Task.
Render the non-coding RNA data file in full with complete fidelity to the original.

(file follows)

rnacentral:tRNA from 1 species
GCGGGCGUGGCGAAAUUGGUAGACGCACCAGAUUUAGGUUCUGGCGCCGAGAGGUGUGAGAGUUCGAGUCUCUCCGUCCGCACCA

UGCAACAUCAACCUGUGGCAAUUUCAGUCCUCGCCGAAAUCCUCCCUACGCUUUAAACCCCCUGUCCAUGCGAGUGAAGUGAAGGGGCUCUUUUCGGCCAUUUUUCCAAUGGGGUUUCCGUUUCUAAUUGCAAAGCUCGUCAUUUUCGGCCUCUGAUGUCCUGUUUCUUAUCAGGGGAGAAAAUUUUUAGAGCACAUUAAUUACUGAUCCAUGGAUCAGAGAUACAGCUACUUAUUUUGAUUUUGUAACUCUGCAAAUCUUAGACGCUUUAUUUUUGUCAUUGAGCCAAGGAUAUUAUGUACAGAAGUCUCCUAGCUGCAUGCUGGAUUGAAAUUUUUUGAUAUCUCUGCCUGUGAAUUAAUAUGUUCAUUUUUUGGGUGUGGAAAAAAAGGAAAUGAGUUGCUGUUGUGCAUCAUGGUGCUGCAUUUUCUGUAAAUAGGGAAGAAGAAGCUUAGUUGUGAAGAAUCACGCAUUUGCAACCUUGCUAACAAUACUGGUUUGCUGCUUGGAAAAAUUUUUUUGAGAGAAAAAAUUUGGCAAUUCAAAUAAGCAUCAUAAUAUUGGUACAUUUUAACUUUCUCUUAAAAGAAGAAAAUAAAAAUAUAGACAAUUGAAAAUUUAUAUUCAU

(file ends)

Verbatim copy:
rnacentral:tRNA from 1 species
GCGGGCGUGGCGAAAUUGGUAGACGCACCAGAUUUAGGUUCUGGCGCCGAGAGGUGUGAGAGUUCGAGUCUCUCCGUCCGCACCA

UGCAACAUCAACCUGUGGCAAUUUCAGUCCUCGCCGAAAUCCUCCCUACGCUUUAAACCCCCUGUCCAUGCGAGUGAAGUGAAGGGGCUCUUUUCGGCCAUUUUUCCAAUGGGGUUUCCGUUUCUAAUUGCAAAGCUCGUCAUUUUCGGCCUCUGAUGUCCUGUUUCUUAUCAGGGGAGAAAAUUUUUAGAGCACAUUAAUUACUGAUCCAUGGAUCAGAGAUACAGCUACUUAUUUUGAUUUUGUAACUCUGCAAAUCUUAGACGCUUUAUUUUUGUCAUUGAGCCAAGGAUAUUAUGUACAGAAGUCUCCUAGCUGCAUGCUGGAUUGAAAUUUUUUGAUAUCUCUGCCUGUGAAUUAAUAUGUUCAUUUUUUGGGUGUGGAAAAAAAGGAAAUGAGUUGCUGUUGUGCAUCAUGGUGCUGCAUUUUCUGUAAAUAGGGAAGAAGAAGCUUAGUUGUGAAGAAUCACGCAUUUGCAACCUUGCUAACAAUACUGGUUUGCUGCUUGGAAAAAUUUUUUUGAGAGAAAAAAUUUGGCAAUUCAAAUAAGCAUCAUAAUAUUGGUACAUUUUAACUUUCUCUUAAAAGAAGAAAAUAAAAAUAUAGACAAUUGAAAAUUUAUAUUCAU